Open main menu
Pintle injector image
Fuel in red, oxidizer in blue

A pintle injector is a type of propellant injector for a bipropellant, liquid fueled rocket engine. Like any other injector, its purpose is to ensure appropriate flow rate and intermixing of the propellants as they are forcibly injected under high pressure into the combustion chamber, so that an efficient and controlled combustion process can happen.[1]

A pintle-based engine can have a greater throttling range than one based on regular injectors, and will very rarely present acoustic combustion instabilities, because a pintle injector tends to create a self-stabilizing flow pattern.[2][3] Therefore, pintle-based engines are specially suitable for applications that require deep, fast, and safe throttling, such as landers.[4]

Pintle injectors began as early laboratory experimental apparatuses, used by Caltech's Jet Propulsion Laboratory in the mid-1950s, to study the mixing and combustion reaction times of hypergolic liquid propellants. The pintle injector was reduced to practice and developed by Space Technology Laboratories (STL), then a division of Ramo-Wooldridge Corp., later TRW, starting in 1960.[2]

There have been pintle-based engines built ranging from a few newtons of thrust up to several millions, and the pintle design has been tested with all the common and many exotic propellant combinations, including gelled propellants.[2] Pintle-based engines were first used on a crewed spacecraft during the Apollo Program in the Lunar Excursion Module's Descent Propulsion System,[4][2][5] however, it was not until October 1972 that U.S. Patent 3,699,772 for inventing the pintle injector was granted to Gerard W. Elverum Jr, of TRW and made public.[2][3] Pintle injectors are currently used in SpaceX's Merlin engine family.[5][6]

DescriptionEdit

Working principleEdit

 
Another view, showing more clearly how fuel and oxidizer flow.

A pintle injector is a type of coaxial injector. It consists of two concentric tubes and a central protrusion. Propellant A (usually the oxidizer, represented with blue in the image) flows through an outer tube, coming out as a cylindrical stream, while propellant B (usually the fuel, represented with red in the image) flows within an inner tube and impinges on a central pintle-shaped protrusion, (similar in shape to a poppet valve like those found on four-stroke engines), spraying out in a broad cone or a flat sheet that intersects the cylindrical stream of propellant A.[2][3]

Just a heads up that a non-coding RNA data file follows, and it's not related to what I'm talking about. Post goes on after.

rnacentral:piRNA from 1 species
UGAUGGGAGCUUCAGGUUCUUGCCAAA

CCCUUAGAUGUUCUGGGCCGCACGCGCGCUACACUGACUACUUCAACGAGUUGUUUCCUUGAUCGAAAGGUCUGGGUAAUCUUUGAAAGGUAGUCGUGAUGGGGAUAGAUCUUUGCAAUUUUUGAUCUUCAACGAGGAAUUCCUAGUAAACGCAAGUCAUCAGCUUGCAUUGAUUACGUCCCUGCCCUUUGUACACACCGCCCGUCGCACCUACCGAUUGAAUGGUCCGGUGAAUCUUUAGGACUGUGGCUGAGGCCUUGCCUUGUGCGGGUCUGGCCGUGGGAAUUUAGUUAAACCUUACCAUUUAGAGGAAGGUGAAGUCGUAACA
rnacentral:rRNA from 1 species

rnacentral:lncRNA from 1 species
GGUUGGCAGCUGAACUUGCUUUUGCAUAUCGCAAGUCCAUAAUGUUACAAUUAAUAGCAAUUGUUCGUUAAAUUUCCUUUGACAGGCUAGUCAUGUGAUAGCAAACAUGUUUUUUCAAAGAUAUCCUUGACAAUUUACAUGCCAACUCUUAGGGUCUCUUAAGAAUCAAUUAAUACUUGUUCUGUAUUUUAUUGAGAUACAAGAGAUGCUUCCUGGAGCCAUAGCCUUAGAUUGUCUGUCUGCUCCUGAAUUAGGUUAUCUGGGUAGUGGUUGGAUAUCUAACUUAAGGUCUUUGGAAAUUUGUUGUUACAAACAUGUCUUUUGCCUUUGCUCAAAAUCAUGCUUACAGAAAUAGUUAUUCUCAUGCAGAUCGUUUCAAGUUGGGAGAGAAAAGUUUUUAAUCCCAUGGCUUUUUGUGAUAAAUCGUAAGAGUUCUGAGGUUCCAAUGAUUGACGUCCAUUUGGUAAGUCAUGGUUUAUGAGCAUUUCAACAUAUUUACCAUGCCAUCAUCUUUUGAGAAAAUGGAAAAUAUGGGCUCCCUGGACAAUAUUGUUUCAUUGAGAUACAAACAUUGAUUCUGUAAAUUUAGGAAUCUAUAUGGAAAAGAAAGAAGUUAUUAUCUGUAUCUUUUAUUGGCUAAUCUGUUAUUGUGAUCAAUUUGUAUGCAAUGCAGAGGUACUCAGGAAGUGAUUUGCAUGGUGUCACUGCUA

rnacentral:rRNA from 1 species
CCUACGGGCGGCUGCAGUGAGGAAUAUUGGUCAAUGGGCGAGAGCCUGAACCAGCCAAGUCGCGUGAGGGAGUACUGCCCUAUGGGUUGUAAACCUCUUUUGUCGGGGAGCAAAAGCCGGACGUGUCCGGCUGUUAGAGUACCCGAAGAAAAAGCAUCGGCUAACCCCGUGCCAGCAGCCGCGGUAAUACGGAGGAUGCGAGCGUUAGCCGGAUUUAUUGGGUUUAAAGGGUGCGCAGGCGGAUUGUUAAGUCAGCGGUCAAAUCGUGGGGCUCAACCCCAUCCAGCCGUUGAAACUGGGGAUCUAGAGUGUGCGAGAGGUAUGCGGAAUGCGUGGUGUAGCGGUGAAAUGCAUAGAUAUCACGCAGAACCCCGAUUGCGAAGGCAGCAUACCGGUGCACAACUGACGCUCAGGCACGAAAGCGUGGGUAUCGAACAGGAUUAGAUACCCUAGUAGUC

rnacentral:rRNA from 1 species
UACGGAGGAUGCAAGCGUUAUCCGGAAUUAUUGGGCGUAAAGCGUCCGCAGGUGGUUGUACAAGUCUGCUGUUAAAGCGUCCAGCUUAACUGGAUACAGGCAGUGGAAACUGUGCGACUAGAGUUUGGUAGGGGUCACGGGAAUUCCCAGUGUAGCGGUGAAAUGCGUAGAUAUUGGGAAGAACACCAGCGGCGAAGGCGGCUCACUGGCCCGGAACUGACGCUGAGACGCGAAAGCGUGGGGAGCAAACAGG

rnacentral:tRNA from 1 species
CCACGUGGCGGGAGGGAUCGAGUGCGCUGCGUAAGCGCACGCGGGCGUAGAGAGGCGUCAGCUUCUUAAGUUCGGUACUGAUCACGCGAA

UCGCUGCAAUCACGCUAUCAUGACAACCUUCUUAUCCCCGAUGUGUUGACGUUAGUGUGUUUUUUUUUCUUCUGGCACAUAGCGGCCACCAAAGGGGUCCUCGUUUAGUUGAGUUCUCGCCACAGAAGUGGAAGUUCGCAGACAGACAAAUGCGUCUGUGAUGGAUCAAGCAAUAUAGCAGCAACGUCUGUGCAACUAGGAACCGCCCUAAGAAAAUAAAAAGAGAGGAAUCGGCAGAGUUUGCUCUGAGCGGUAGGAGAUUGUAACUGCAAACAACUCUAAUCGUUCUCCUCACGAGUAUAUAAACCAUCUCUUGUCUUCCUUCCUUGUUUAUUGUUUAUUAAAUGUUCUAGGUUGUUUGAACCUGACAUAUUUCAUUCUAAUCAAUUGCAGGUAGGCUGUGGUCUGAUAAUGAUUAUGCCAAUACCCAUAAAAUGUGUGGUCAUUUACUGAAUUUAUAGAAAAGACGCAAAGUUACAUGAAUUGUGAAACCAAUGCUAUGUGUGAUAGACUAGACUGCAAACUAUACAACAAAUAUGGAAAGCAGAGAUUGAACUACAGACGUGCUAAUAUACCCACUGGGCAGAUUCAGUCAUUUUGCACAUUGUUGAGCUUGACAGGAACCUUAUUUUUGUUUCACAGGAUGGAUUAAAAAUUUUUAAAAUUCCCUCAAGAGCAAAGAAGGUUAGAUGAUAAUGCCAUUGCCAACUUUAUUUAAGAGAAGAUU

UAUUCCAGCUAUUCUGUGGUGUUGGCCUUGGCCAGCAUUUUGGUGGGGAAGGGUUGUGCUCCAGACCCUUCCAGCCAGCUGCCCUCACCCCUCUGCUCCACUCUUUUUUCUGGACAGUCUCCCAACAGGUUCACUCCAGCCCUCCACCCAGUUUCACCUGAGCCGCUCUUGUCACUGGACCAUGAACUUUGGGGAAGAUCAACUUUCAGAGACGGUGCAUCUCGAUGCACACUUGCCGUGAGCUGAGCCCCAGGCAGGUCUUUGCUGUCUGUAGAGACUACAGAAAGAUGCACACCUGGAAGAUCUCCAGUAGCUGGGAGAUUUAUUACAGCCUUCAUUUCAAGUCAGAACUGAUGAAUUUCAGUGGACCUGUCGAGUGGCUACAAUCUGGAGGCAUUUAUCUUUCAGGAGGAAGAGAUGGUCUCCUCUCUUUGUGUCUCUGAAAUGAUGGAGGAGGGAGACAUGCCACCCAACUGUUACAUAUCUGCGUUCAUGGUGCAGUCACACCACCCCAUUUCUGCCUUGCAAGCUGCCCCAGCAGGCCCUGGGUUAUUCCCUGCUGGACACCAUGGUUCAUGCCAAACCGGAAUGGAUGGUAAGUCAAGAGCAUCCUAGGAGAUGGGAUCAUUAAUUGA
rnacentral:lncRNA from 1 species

In the typical pintle-based engine design, only a single central injector is used, differing from "showerhead" injector plates which use multiple parallel injector ports.[2]

Throttleability can be obtained either by placing valves before the injector, or by moving the inner pintle or outer sleeve.[2]

Many people have experienced throttleable pintle sprayers in the form of standard garden hose-end sprayers.[5]

 
A pintle injector is shown during a cold flow test. The inner flow path is active.

VariantsEdit

In pintle engines that do not require throttling, the pintle is fixed in place, and propellant valves for startup and shutdown are placed somewhere else.[2]

A movable pintle allows for throttleability, and, if the moving part is the sleeve, the pintle itself can act as the propellant valve. This is called a Face Shutoff pintle. A fast-moving sleeve allows for the engine to be operated in pulses, and this is usually done in pintle-based RCS thrusters and missile divert thrusters.[2]

In a variant of the Face Shutoff pintle, the pintle itself is hydraulically actuated by the fuel via a pilot valve, and no extra valves are required between the engine and tanks. This is called an FSO (Face Shutoff Only) pintle.[2]

In some variants the pintle has grooves or orifices cut into it to produce radial jets in the flow of propellant B, this allows for extra unburned fuel to impinge on the walls of the combustion chamber, and provide fuel film cooling.[2][7] The pintle pictured here is of this type.

 
A pintle injector is shown during a cold flow test. The outer flow path is active.

Advantages and disadvantagesEdit

AdvantagesEdit

Compared to some injector design archetypes, pintle injectors allow greater throttling of bipropellant flow rates, though it is worth noting that throttling rocket engines in general is still very difficult. If only one central injector is used, the mass flow inside the combustion chamber will include two main recirculation zones which decrease acoustic instability without necessarily requiring acoustic cavities or baffles.[2][3]

The pintle injector design can deliver high combustion efficiency (typically 96–99%).[2][3]

 
A pintle injector is shown during a cold flow test. Both flow paths are active.

If fuel is chosen for the inner flow (which is the case in most pintle-based engines), the injector can be tuned so that any excess fuel which is not reacted immediately as it passes through the oxidizer stream is projected onto the combustion chamber walls and cools them through evaporation, thus providing fuel film cooling to the combustion chamber walls, without incurring the mass penalty of a dedicated coolant subsystem.[2][7]